Railroads & Locomotives History The Amtrak ‘Auto Train’ throughout the years

The Amtrak ‘Auto Train’ throughout the years

By Trains Staff | December 4, 2023

The evolution of today's classy hotel on wheels

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From Auto-Train to Amtrak Auto Train

Today’s Auto Train is a stellar option for people looking to travel long distances with their car in tow between northern Virginia and central Florida. Amtrak’s marketing slogan on its website is “Take Your Car on an Auto Train Road Trip.” Those traveling in sleeping cars receive traditional dining-car meals, along with complimentary wine. Coach customers are given a complimentary breakfast and are able to purchase food and beverages while en route from the Cross-Country Cafe. Free WiFi access is available for all travelers.

But today’s Auto Train is only the latest installment of a unique service that dates to 1971. Amtrak didn’t always own this “classy hotel on wheels,” as Trains Correspondent Brian Solomon refers to it in his travel column [see “Travel: Amtrak’s most unusual train”, Trains.com, Dec. 10, 2023]. The original, privately owned and operated version, Auto-Train, was created by businessman Eugene K. Garfield and spawned by the availability of surplus passenger equipment at Amtrak’s inception. It went bankrupt in 1981, expiring after the launch of an ill-fated second route serving Florida from Louisville, Ky., and several derailments.

Amtrak’s own Auto Train (minus the hyphen) began on Oct. 31, 1983. It was resurrected by W. Graham Claytor Jr. — Amtrak’s fourth president — when the arrival of Superliners created another pool of hand-me-downs to launch what has become a massive success. Originally run triweekly, it’s now offered daily.

As you’ll see in the photos below, showing how the train evolved over the years, it has a long history with General Electric diesels dating back to the original, privately operated train.

For more on the history of the Auto Train, read the print feature, “The Train With Two Lives,” by Al DiCenso, in the January 2013 issue of Trains.

Passenger train with auto racks departs station
The northbound Auto Train departs Sanford, Fla., on Monday, Jan. 9, 2023.  David Lassen

Cars lined up on road next to passenger train
Cars wait to be checked in at Amtrak’s Sanford, Fla., Auto Train terminal on Feb. 11, 2020. A nationwide rental car shortage helped the service become Amtrak’s top performer. Bob Johnston

long blue and white Amtrak train in middle of road on tracks
General Electric Genesis Series 1 diesels made their debut on the Auto Train and have continued to work it. Amtrak 831 and 816 lead train No. 52 on its northward run over CSX’s former Richmond, Fredericksburg & Potomac main line at Ashland, Va., on June 8, 2015. The Auto Train is an end-to-end express with no intermediate stops and routinely runs ahead of the published schedule. Brian Solomon

A silver and dark blue General Electric diesel locomotive leads a train of silver bi-level passenger cars
Amtrak Train 53, the southbound Auto Train, leaves the Lorton, Va., terminal behind a General Electric Dash-8 P40BH on Feb. 27, 2012. Today, typical motive power for the daily Auto Train is a pair of GE Genesis Dash-9 P40DC diesel-electrics. Al DiCenso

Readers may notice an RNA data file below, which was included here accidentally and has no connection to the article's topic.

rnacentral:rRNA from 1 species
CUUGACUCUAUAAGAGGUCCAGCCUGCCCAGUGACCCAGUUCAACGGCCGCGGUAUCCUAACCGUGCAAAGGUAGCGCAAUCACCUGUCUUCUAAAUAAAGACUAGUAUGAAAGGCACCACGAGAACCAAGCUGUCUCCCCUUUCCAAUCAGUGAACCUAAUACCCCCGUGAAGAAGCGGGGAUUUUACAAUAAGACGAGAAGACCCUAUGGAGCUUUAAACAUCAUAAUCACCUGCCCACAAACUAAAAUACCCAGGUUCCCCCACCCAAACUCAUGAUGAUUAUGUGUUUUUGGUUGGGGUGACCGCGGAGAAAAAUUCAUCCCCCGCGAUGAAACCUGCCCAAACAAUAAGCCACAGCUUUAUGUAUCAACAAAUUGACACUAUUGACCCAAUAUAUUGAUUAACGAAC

close up of silver Auto Train on tracks
Northbound train No. 52 crosses the Occoquan River south of Lorton, one of many bridges in Virginia, in August 1998. Michael S. Murray

side view of white Auto Train
The first edition of Amtrak’s Auto Train, comprising single-level equipment and secondhand Auto-Train Corp. auto racks, arrives at Lorton, Va., in July 1988. Alex Mayes

black and white auto train on bridge above water
An early incarnation of Amtrak’s Auto Train crosses Powell’s Creek near Dale City, Va., on April. 27, 1986. Alex Mayes

Silver-and-black Amtrak GE P30CH locomotive leads passenger train under highway bridge
Amtrak GE P30CH locomotive No. 714 and a mate lead Amtrak’s Auto Train north at AY interlocking in Acca Yard at Richmond, Va., in 1984. Doug Riddell

black and white train photo on tracks
A clean Amtrak GP9 is assigned to switching duties at the Auto Train’s Lorton, Va., terminal on Oct. 16, 1983, two weeks before the start of regular service. Alex Mayes

black and white photo of Amtrak Auto Train on tracks
An Amtrak Auto Train test run is seen at Orange City, Fla., on Oct. 8, 1983, about three weeks before the start of regular service under Amtrak. J.L. Oates

long train on bridge with ships below
The southbound Auto-Train, operating under the auspices of the original corporation, crosses Neabsco Creek near Woodbridge, Va., in July 1980. Alex Mayes
ad
An undated advertisement for the original Auto-Train Corp. illustrates the advantages of letting the train do the driving. Trains collection

black and white photo of auto train
The Auto-Train speeds away at Collier Yard near Petersburg, Va., on May 26, 1979, with 47 cars. Curt Tillotson Jr.

black and white photo of train derailment site
Officials and workers look on at the wreckage of the Auto-Train at Florence, S.C., on Feb. 24, 1978. Note the temporary shoo-fly around the derailment site to the right. S.M. Bridges Jr.

black and white photo of auto train on bridge
The northbound Auto-Train crosses Powell’s Creek near Dale City, Va., on Aug. 8, 1977. This is the same location as the January 2013 cover photo. Victor Hand

black and white AutoTrak photo
A brand-new auto rack for Amtrak’s never-run AutoTrak service sits outside of the carbuilder’s shop at Omaha, Neb., in April 1974. George R. Cockle

Auto-Train auto rack car with caboose coupla.
The original Auto Train was required to have a caboose on the back end for the leg originating in Louisville, Ky. R. Lyle Key Jr.

Note: This gallery has been updated and revised from its original publishing (Nov. 21, 2012) by Nastassia Putz, Production Editor.

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